The opportunity and challenge of interdisciplinary collaborative process as a dispute resolution process for families

Family law and post separation
Wednesday 25 July, 1440 – 1500


Jackie Jones
Collaborative Lawyer

David Roberts
Relationships Australia

The introduction of the Family Law Act offered a revolutionary approach to resolving family law disputes. By putting children’s wellbeing at the forefront of separation, it recognised that family breakdown is not primarily a legal problem. Since commencement of the Act there have been repeated calls to continue to evolve a more integrated system, to acknowledge and address the diverse needs of Australian families and to offer a multidisciplinary approach.
As a dispute resolution process, Interdisciplinary Collaborative Practice (ICP) offers the opportunity for families going through relationship breakdown to access the professionals who best suit their needs. ICP is the only dispute resolution process to offer a flexible holistic team response to family breakdown. At its heart, ICP recognises the need for families to be given the assistance of professionals from differing disciplines including child consultants, psychologists, financial planners or accountants, and lawyers, to resolve their own dispute without the need for court.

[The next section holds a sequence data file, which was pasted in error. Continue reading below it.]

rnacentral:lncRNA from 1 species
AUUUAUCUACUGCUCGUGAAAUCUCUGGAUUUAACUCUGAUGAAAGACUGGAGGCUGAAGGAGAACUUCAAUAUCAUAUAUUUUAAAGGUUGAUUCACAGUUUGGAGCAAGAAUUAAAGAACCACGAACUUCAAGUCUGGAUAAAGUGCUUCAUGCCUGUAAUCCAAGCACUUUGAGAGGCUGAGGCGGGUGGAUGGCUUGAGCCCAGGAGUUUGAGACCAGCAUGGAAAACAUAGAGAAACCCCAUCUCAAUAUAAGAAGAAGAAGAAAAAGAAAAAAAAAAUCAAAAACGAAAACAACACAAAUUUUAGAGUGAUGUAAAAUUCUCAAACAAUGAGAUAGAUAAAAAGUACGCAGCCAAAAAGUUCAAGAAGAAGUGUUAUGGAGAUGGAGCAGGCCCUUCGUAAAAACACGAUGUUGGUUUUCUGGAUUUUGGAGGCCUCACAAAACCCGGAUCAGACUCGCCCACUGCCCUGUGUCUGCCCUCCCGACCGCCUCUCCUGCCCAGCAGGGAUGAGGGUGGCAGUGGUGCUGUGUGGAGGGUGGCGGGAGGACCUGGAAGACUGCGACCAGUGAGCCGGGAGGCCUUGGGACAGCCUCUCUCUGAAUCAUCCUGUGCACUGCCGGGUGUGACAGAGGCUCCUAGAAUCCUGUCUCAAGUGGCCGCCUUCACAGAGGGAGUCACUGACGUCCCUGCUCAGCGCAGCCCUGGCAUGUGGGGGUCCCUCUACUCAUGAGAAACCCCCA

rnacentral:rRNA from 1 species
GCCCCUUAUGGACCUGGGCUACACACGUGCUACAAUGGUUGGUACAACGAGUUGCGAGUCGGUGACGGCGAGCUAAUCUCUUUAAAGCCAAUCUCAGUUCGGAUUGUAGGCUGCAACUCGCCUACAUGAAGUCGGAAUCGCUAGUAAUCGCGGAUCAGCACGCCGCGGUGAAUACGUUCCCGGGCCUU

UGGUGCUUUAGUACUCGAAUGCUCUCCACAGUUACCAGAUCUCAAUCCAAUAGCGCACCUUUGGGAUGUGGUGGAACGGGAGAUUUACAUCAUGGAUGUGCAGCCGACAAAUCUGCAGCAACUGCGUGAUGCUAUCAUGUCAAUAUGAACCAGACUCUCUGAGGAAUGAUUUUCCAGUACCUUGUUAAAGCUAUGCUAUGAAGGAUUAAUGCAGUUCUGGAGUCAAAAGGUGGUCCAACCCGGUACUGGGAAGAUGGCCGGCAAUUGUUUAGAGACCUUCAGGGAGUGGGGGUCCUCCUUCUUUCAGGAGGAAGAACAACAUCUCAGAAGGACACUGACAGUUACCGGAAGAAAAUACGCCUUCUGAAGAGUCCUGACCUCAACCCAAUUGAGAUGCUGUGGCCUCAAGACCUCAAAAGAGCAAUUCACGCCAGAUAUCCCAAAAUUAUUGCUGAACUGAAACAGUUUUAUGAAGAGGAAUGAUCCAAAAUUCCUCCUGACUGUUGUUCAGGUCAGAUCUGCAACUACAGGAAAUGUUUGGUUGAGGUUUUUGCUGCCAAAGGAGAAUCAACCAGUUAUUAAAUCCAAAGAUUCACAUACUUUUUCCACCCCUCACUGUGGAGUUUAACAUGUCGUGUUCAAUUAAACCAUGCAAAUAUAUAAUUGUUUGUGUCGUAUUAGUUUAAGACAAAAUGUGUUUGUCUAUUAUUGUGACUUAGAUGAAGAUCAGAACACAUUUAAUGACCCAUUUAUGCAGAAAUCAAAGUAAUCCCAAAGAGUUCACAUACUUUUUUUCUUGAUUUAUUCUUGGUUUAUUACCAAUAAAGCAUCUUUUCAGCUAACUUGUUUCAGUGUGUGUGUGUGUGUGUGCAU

This presentation offers insights into the development of ICP from members of two different groups: first, the Central Sydney Collaborative Forum which originated with collaborative lawyers, and second, the Relationships Australia ICP program which originated in a not-for-profit organisation through mediators.
This presentation will focus on key challenges to developing and implementing ICP, particularly the challenges of building an effective team when bringing together professionals from different disciplines. Issues and concerns arise relating to professional obligations, confidentiality, ethics, dealing with cases involving domestic violence and various practical matters from file ownership to professional reflection.